“Taxation is the incentive to be here, let’s be honest,” Arteaga says. “You save 40% in capital gains tax. But it’s also a beautiful place. We have the beach. We have the mountains. This is my dream.”

Decentralize everything: Amanda Cassatt

Another expat featured in the article, “Cassatt, 31, is the founder of Serotonin, one of the first marketing companies dedicated to working with crypto companies.” His quote is weird:

“Decentralize everything. Currency is just the beginning. Decentralize energy markets. This is the embryonic stage of a new economy.

What does “decentralize energy markets” mean? The author of the article tries to explain it further, “energy, for example, could be exchanged between individuals on the blockchain instead of going through the central network. Goodbye energy giants. WHAT? This is certainly not the case. And not everything needs to be decentralized or require a blockchain. The energy giants have nothing to fear.

Review: Ana Teresa Toro

For an opposing view, the article brings in a “local writer and teacher”. Ana Teresa Toro says:

“They’re here dreaming of a utopia because they have so much money in their pockets, while people here can’t even dream of next week. It’s like a playground for them, the stakes are so low. It’s as if they were rehearsing a play in our living room.

And later, “the disparity is just brutal. I still have power outages once a week. She could talk about the world in general. It’s not ideal, it’s not pretty, but that’s the world we live in.

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The self-proclaimed savior of Puerto Rico: Brock Pierce

Controversial Brock Pierce took a break from impersonate a bitcoin leader play the role of insufferable leader of this particular movement. “The stars are aligned for a prosperous and brighter future for Puerto Rico. Most countries and cities need to invest heavily to get the intellectual capital that exists in Puerto Rico. This is the intellectual capital of the financial future,” he said in the article.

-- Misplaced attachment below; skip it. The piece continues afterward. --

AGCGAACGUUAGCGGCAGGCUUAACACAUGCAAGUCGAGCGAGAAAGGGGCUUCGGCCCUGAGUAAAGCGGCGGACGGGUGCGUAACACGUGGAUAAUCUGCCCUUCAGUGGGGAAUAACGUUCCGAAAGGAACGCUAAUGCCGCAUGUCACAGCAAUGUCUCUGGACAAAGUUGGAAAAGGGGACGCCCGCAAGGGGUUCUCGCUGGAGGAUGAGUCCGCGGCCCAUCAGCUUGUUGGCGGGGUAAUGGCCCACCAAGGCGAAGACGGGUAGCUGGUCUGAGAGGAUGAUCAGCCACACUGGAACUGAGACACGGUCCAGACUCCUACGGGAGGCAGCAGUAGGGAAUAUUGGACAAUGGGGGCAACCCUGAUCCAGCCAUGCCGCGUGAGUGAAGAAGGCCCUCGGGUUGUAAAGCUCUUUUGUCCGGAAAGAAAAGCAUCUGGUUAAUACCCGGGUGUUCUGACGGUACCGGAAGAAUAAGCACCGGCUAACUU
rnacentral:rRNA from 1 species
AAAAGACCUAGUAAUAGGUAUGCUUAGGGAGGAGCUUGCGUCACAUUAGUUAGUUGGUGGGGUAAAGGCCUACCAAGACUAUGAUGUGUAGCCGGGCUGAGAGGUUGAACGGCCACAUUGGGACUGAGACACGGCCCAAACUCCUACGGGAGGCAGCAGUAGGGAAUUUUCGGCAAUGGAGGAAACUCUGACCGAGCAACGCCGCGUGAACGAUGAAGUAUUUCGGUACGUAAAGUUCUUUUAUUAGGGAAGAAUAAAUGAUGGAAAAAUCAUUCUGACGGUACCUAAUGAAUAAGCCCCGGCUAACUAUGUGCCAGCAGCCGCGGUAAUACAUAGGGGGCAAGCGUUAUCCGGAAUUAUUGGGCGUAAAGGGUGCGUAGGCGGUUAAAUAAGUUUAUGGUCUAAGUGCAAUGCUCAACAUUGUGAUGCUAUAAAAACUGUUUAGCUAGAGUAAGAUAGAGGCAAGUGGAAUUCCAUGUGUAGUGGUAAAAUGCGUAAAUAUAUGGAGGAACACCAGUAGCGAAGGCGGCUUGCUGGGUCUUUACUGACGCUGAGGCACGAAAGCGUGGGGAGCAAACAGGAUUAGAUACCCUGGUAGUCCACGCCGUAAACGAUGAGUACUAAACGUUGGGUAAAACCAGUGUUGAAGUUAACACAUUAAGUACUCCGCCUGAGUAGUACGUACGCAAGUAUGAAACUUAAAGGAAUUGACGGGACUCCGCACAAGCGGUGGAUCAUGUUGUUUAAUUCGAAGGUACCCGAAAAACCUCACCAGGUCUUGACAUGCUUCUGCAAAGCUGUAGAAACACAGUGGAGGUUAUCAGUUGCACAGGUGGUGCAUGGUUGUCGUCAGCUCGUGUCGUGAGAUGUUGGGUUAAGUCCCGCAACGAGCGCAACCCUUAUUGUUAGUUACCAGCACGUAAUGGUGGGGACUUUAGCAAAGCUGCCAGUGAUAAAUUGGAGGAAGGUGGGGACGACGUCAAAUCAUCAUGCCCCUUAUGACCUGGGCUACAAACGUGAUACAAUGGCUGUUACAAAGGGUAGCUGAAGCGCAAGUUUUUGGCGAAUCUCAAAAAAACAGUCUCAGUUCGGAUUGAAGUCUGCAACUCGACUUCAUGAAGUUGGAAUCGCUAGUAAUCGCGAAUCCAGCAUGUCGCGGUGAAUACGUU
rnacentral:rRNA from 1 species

It seems that Pierce didn’t make a good impression on the author, however:

“Some find him increasingly insufferable, resent his role as the self-proclaimed ‘face’ of their movement, and wonder how much of the billion dollars he has pledged to donate to the island and related causes s materialized. “I’m a positive member of society, but I don’t shout it everywhere,” says Andrew Keys, a crypto whale who emigrated to the island several years ago. was going to give a billion dollars to Puerto Rico. We hardly saw any of this.

breakthrough answer? “I’ve invested more than anyone I know. I don’t know anyone on Earth who has made that kind of commitment. But you realize how difficult it is to give money.

The local story of FeelGood: Julio Domenech

The 24-year-old “was working as a business card collector in bars for an IT company” when he came across cryptocurrencies.

“Now he’s a ‘millionaire’ and just got back from a crypto conference in Dubai. “It’s honestly like a dream,” Domenech says. “Crypto has completely changed my life. We’re empowered, man. Residents are getting involved too. »

And that’s Puerto Rico’s story in a nutshell.